Call it an homage, a weird coincidence, or a total rip-off, but there are plenty of album covers out there that look suspiciously alike. Despite the original intentions (or lack thereof) of the bands and graphic designers themselves, people generally aren’t too happy when they see what looks like a perfect copy of another artist’s work. Some bands have actually taken to Twitter and various music outlets to confront the issue, while fans have also made their fair share of reports. These “rip-offs” occur in every genre, but here are 10 rock album look-alikes that will make you raise a brow.
Every Time I Die / Foster The People
They’re two extremely different types of bands, but who knows, maybe Foster The People listen to Every Time I Die in their spare time. ETID’s record Low Teens was released in 2016, and just one year later, Foster The People came up with almost the exact same cover artwork for their three-song EP release, III. ETID themselves pointed it out on Twitter, drawing support from their fans and other bands, including Code Orange and Harm’s Way—a group of people FTP most certainly don’t want to mess with.
Bring Me The Horizon / Coldplay
This album cover controversy was the subject of much talk and speculation for months. Plenty of interviews with Bring Me The Horizon have addressed the similarity between their Sempiternal cover and Coldplay’s subsequent record A Head Full Of Dreams. BMTH vocalist Oli Sykes admitted that the flower of life symbol, which was the basis of each album’s artwork, was an ancient symbol and didn’t belong to any one particular band, but that Sempiternal did come first. Fuel was added to the fire when Sykes pounced on Coldplay’s table at the 2016 NME Awards and smashed it to pieces. While there was speculation he did this on purpose, he’s gone on record as saying it was just the nearest table to him during BMTH’s performance.
Elvis Presley / The Clash
Both Elvis Presley and the Clash are now giant figures in rock history. While a listener might think they don’t have much at all to do with each other sonically, the Clash’s album artwork for London Calling suggests otherwise. The pink and green lettering of Elvis Presley’s self-titled 1956 album shows up in the exact same format and placement on the Clash’s landmark record decades later. The artist who designed the London Calling cover, Ray Lowry, has said that he did this not as a rip-off, but to pay genuine homage to the rock ’n’ roll icon and the beginning of rock music. However, others have speculated differently, concluding that the Clash cover is meant to put into relief the end of early rock ’n’ roll and usher in the era of punk.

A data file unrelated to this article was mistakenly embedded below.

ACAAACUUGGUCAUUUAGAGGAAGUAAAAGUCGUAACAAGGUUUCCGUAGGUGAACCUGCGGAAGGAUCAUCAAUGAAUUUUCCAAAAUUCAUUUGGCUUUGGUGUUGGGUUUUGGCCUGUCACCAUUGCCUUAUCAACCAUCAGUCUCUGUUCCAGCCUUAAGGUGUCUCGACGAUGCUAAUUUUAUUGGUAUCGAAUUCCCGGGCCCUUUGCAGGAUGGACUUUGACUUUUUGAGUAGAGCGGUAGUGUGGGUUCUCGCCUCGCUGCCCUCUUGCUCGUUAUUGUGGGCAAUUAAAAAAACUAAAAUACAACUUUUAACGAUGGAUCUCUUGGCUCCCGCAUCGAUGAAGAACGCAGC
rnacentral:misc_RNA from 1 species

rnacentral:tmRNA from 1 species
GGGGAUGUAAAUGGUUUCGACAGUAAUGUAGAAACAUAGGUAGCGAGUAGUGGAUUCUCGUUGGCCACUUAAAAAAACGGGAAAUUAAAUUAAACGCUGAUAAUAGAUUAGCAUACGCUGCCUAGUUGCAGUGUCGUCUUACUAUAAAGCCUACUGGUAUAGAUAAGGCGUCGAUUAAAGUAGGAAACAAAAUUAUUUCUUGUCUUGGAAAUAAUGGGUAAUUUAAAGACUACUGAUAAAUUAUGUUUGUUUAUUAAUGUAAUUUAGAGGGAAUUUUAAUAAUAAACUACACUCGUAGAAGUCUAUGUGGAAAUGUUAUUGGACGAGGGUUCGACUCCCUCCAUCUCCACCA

The Dillinger Escape Plan / The Ghost Inside
The Dillinger Escape Plan were not exactly enthusiastic when the cover of the Ghost Inside’s 2014 record, Dear Youth, was revealed. The cover of TGI’s new record looked a lot like Dillinger’s cover for One Of Us Is The Killer, which had come out just a year before. Both covers feature a black quill with splattered ink, though the overall positioning and composition of the artwork is different. While Dillinger went on record as saying the Ghost Inside should have done their artwork differently, TGI responded to the controversy by stating they had never seen the album artwork and meant no disrespect.
KISS / Black Veil Brides
This one is about much more than just an album cover. When Black Veil Brides really started to gain success, their makeup and costuming just screamed “KISS.” While many people jumped on the bandwagon and became part of the BVB army, others were put off by what they perceived as a total rip-off of a legendary rock band. An example of this would be the cover artwork of BVB’s Set The World On Fire and KISS’ The Originals II (1978). But BVB, from the very beginning, have expressed their idolization of KISS and fully admitted to wanting to be the modern-day version of the iconic band.
Read more: 10 songs that borrowed from other songs